PORTSMOUTH — Nutrition experts say you can have that holiday cake, as long as you plan ahead.
No guilt is the catchphrase for the holidays. That does not mean overindulgence, but instead mindful planning.
“Really, holiday food management is simple common sense, and being aware of that,” said Megan Patten, a registered dietician at York Hospital. “Set realistic goals. The holidays are not a time for weight loss, and are instead a time for maintenance. Set goals to help you maintain your weight. There should be no guilt associated with eating, with attending holiday parties.”
“This is about having no post holiday regrets,” said Christine Wyrch, manager of the Patient and Family Learning Center at Wentworth-Douglass Hospital. “As a health coach, I talk a lot about mindfulness. We all want to have fun at the holidays and it can be challenging. Instead of saying, ‘I am not going to have that piece of pumpkin pie,’ make a plan so you can.”
Instead of thinking about, and obsessing over all those delicious buffets, Patten said to focus first on socializing, on seeing people you might not have seen in a while. It is a subtle shift in thinking, in being mindful, that can help.
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“Eat mindfully,” said Patten. “Enjoy fully the flavors, textures and colors of the food. I fully support the MyPlate concept. Fill your plate with half vegetables, and a quarter each with a starch and a protein.
If you are attending an event where you are asked to bring a plate, Wyrsch said bring something healthy.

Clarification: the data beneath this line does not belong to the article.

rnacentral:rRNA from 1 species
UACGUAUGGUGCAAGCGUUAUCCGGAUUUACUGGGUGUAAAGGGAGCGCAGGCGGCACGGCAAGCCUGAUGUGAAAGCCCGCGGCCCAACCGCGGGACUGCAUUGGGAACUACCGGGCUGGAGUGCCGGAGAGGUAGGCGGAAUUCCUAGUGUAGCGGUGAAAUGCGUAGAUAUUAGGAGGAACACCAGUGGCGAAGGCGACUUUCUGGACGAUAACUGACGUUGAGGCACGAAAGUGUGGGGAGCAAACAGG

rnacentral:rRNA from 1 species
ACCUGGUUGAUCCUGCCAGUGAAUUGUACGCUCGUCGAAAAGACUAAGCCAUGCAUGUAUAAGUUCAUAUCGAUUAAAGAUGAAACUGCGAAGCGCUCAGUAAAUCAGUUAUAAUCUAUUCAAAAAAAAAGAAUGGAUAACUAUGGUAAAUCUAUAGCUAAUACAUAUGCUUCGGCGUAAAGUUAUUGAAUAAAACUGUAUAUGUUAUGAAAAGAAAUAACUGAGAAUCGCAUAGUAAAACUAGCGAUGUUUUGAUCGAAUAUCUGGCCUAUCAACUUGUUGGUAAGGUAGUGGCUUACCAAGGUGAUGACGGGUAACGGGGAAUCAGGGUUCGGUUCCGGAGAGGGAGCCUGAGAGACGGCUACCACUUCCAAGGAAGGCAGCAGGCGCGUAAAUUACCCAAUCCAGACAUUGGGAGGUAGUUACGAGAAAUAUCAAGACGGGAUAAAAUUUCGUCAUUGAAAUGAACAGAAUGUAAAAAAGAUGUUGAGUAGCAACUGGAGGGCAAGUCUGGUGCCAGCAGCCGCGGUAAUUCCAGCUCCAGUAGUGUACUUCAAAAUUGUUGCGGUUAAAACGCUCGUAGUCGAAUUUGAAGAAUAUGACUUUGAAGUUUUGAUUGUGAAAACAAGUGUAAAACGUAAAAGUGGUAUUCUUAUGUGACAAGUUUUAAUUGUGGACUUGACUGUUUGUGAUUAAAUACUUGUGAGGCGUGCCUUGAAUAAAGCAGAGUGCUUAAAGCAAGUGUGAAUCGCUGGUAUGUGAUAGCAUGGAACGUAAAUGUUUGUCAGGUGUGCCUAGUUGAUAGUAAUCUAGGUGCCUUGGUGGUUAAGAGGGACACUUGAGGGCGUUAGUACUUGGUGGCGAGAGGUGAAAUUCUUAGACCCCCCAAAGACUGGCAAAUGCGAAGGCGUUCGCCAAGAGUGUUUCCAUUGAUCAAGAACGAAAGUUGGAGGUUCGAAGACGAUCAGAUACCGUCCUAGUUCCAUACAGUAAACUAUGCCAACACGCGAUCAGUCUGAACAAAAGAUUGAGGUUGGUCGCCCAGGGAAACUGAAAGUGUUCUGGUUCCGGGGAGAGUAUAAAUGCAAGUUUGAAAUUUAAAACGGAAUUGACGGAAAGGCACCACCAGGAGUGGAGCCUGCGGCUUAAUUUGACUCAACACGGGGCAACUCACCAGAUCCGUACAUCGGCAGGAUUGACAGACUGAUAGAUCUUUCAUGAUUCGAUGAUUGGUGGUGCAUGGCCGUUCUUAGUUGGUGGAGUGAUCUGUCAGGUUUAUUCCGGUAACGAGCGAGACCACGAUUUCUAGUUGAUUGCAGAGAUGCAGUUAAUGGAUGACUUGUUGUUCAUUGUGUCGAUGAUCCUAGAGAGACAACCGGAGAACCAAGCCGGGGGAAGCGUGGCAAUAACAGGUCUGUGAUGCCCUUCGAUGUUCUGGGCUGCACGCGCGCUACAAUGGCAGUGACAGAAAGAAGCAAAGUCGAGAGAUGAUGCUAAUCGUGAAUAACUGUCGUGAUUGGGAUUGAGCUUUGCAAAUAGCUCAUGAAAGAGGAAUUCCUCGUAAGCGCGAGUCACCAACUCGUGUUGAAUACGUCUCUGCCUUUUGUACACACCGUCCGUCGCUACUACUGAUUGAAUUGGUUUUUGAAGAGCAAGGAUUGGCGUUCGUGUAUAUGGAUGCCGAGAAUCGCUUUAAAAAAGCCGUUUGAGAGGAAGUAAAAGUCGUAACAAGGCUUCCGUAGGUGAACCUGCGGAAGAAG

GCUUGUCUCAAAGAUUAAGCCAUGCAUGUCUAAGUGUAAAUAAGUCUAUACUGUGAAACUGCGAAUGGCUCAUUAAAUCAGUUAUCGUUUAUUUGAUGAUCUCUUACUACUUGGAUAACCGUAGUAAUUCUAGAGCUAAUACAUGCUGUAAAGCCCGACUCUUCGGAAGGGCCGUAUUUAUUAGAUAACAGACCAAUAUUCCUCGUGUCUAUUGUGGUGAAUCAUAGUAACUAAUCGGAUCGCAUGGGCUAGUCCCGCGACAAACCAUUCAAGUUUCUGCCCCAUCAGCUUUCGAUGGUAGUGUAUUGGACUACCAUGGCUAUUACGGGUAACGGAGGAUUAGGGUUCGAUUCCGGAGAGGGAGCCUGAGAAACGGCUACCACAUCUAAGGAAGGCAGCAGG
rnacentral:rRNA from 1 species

“That way you know there will be at least one healthy choice there for you,” she said. “Taste the others, but keep portion control in mind. Let yourself indulge, just know what you are doing.”
“Do not skip meals,” Patten said. “Have breakfast, lunch, and choose items with protein and fiber. Drink lots of water. You do not want to arrive at a party hungry because that increases the risk you will overeat. Avoid eating until you are stuffed. Go for comfortably full and choose what you eat. My family begins holiday meals with a salad, which is healthy and takes the edge off your hunger.”
Diets do not work, especially during the holidays, Wyrsch said. Instead, she suggests staying hydrated and making sure to get enough sleep.
“Diet is a four letter word,” said Wyrsch. “They may work in the short term, but you can’t carry it through long term.”
Patten said people should be aware that there are food items where the calories can add up quickly without you realizing it.
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“Sauces, gravy, butter, turkey skin, creams and alcohol are big culprits,” she said. “Be very aware and use those things sparingly.”
Getting enough exercise, even if it means going for a walk each day, will help create a healthy metabolism.
“Keep active,” said Patten. “After a heavy food day, maybe increase your activity. Take a slightly longer walk. Increase your stride, your steps. Take care of yourself and it will be fine.”
If, despite of your best efforts, you find there is an extra five pounds after the holidays, Patten said to be kind to yourself.
“Try not to go off the deep end,” she said. “This is not an excuse to throw in the towel. Pick up right where you left off. Maybe add a bit more exercise and eat carefully for a few days. You’ll soon be right back on track and not lose all you have achieved before.”
“During the holidays, we stretch ourselves thin,” said Wyrch. “Give yourself some grace. Make choices you will respect and let family and friends support you. Remember – everything in moderation.”